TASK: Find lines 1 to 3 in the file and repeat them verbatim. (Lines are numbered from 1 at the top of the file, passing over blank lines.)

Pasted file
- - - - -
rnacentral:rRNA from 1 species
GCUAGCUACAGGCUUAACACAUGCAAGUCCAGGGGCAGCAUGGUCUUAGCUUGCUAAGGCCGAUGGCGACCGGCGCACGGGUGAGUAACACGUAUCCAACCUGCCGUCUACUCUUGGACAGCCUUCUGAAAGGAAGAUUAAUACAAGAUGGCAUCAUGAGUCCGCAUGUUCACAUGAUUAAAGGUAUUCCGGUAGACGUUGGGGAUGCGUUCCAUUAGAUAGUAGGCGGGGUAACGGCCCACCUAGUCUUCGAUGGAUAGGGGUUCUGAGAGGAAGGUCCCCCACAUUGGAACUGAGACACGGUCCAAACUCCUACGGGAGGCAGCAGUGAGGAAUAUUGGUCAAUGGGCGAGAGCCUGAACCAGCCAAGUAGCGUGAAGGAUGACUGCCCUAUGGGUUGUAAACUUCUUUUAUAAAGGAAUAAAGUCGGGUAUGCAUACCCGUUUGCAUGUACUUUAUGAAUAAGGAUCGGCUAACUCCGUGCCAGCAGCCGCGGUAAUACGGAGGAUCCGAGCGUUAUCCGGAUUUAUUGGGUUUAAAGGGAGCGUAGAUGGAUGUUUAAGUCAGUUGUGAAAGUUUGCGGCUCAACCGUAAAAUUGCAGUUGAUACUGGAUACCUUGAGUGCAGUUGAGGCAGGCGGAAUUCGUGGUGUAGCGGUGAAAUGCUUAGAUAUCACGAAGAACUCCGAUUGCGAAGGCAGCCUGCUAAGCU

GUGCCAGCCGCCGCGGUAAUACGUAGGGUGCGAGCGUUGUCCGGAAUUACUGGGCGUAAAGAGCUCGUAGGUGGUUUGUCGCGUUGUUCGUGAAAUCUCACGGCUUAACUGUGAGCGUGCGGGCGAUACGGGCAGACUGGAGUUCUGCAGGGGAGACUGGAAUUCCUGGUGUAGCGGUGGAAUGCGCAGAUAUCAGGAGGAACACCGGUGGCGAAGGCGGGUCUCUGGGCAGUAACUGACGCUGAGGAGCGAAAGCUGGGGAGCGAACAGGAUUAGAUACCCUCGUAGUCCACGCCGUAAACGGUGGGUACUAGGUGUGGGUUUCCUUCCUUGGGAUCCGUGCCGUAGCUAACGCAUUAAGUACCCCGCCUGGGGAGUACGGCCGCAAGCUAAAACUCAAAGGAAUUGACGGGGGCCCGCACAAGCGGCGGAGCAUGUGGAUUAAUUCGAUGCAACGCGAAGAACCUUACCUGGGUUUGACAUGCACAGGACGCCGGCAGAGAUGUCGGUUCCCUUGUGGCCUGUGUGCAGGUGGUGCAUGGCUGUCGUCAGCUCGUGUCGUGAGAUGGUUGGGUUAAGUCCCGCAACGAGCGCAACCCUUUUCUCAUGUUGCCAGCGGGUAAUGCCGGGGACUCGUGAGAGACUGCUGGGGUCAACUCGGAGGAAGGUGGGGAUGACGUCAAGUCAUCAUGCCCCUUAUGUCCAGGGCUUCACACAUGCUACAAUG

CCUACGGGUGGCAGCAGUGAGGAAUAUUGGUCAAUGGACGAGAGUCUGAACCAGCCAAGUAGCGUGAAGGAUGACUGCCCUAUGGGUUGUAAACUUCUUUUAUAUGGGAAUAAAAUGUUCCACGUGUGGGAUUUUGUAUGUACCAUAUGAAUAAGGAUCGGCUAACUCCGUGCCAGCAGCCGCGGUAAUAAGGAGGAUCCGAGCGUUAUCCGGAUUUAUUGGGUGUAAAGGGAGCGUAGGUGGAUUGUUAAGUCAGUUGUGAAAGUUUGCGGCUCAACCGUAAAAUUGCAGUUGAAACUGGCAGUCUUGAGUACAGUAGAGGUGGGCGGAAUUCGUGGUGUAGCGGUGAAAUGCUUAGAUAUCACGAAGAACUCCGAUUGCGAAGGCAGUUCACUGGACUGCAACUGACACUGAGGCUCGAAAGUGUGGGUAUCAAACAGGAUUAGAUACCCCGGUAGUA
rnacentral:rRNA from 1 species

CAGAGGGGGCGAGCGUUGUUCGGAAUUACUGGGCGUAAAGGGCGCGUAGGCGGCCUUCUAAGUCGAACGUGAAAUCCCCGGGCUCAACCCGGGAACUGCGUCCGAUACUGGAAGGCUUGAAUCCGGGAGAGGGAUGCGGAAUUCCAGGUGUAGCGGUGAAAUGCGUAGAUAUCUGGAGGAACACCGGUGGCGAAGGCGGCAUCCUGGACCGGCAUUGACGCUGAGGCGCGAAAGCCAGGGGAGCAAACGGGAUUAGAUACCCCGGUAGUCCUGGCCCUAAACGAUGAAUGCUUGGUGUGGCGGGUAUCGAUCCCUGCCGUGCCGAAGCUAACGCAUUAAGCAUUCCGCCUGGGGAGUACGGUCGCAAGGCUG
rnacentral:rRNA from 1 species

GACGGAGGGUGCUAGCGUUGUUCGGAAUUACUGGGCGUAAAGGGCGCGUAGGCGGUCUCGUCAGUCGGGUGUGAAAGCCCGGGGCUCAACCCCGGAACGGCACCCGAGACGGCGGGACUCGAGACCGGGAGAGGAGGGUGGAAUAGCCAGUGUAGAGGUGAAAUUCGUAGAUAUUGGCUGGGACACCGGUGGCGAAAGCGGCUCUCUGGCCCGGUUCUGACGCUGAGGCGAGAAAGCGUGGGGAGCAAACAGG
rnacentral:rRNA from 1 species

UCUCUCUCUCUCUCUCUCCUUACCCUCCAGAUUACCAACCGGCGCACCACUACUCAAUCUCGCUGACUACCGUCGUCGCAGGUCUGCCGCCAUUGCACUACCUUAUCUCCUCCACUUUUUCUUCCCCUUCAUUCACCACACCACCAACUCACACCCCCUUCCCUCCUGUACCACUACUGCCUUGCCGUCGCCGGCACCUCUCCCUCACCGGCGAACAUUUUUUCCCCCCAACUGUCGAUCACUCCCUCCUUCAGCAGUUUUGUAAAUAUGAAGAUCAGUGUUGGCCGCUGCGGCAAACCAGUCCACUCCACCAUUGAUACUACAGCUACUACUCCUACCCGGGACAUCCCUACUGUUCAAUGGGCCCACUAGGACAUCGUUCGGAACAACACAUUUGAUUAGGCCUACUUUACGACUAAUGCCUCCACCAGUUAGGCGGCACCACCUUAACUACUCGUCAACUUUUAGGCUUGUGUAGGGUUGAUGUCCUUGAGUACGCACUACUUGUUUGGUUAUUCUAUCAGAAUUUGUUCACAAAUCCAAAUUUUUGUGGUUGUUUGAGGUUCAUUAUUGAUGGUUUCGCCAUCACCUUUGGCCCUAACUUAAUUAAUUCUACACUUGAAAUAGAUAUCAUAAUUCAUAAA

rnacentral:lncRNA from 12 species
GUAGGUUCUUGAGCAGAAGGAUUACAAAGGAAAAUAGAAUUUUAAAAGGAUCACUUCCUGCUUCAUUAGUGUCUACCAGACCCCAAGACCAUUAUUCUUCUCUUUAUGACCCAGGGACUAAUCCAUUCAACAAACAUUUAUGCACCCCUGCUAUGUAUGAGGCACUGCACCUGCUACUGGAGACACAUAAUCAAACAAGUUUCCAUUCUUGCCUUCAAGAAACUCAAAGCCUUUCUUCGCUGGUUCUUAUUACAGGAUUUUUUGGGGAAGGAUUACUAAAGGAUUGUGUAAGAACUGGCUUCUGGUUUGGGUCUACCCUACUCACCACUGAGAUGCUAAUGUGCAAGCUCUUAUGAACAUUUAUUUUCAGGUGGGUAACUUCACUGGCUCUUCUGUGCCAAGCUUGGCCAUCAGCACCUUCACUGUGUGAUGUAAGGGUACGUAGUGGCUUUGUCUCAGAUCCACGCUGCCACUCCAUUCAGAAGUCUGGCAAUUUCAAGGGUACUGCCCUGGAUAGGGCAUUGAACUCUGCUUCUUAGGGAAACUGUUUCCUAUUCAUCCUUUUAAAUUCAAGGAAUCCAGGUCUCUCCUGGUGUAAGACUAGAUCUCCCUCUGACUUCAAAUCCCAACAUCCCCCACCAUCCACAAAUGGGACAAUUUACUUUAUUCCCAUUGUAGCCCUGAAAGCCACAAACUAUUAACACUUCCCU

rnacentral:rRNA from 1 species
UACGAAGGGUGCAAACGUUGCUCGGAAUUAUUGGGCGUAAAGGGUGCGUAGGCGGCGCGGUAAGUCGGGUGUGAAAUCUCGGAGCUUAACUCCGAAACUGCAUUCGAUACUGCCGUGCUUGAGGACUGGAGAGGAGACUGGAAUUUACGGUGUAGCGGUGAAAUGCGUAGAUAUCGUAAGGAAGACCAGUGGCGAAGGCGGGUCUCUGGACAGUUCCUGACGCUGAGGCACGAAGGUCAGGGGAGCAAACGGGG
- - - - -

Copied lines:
rnacentral:rRNA from 1 species
GCUAGCUACAGGCUUAACACAUGCAAGUCCAGGGGCAGCAUGGUCUUAGCUUGCUAAGGCCGAUGGCGACCGGCGCACGGGUGAGUAACACGUAUCCAACCUGCCGUCUACUCUUGGACAGCCUUCUGAAAGGAAGAUUAAUACAAGAUGGCAUCAUGAGUCCGCAUGUUCACAUGAUUAAAGGUAUUCCGGUAGACGUUGGGGAUGCGUUCCAUUAGAUAGUAGGCGGGGUAACGGCCCACCUAGUCUUCGAUGGAUAGGGGUUCUGAGAGGAAGGUCCCCCACAUUGGAACUGAGACACGGUCCAAACUCCUACGGGAGGCAGCAGUGAGGAAUAUUGGUCAAUGGGCGAGAGCCUGAACCAGCCAAGUAGCGUGAAGGAUGACUGCCCUAUGGGUUGUAAACUUCUUUUAUAAAGGAAUAAAGUCGGGUAUGCAUACCCGUUUGCAUGUACUUUAUGAAUAAGGAUCGGCUAACUCCGUGCCAGCAGCCGCGGUAAUACGGAGGAUCCGAGCGUUAUCCGGAUUUAUUGGGUUUAAAGGGAGCGUAGAUGGAUGUUUAAGUCAGUUGUGAAAGUUUGCGGCUCAACCGUAAAAUUGCAGUUGAUACUGGAUACCUUGAGUGCAGUUGAGGCAGGCGGAAUUCGUGGUGUAGCGGUGAAAUGCUUAGAUAUCACGAAGAACUCCGAUUGCGAAGGCAGCCUGCUAAGCU

GUGCCAGCCGCCGCGGUAAUACGUAGGGUGCGAGCGUUGUCCGGAAUUACUGGGCGUAAAGAGCUCGUAGGUGGUUUGUCGCGUUGUUCGUGAAAUCUCACGGCUUAACUGUGAGCGUGCGGGCGAUACGGGCAGACUGGAGUUCUGCAGGGGAGACUGGAAUUCCUGGUGUAGCGGUGGAAUGCGCAGAUAUCAGGAGGAACACCGGUGGCGAAGGCGGGUCUCUGGGCAGUAACUGACGCUGAGGAGCGAAAGCUGGGGAGCGAACAGGAUUAGAUACCCUCGUAGUCCACGCCGUAAACGGUGGGUACUAGGUGUGGGUUUCCUUCCUUGGGAUCCGUGCCGUAGCUAACGCAUUAAGUACCCCGCCUGGGGAGUACGGCCGCAAGCUAAAACUCAAAGGAAUUGACGGGGGCCCGCACAAGCGGCGGAGCAUGUGGAUUAAUUCGAUGCAACGCGAAGAACCUUACCUGGGUUUGACAUGCACAGGACGCCGGCAGAGAUGUCGGUUCCCUUGUGGCCUGUGUGCAGGUGGUGCAUGGCUGUCGUCAGCUCGUGUCGUGAGAUGGUUGGGUUAAGUCCCGCAACGAGCGCAACCCUUUUCUCAUGUUGCCAGCGGGUAAUGCCGGGGACUCGUGAGAGACUGCUGGGGUCAACUCGGAGGAAGGUGGGGAUGACGUCAAGUCAUCAUGCCCCUUAUGUCCAGGGCUUCACACAUGCUACAAUG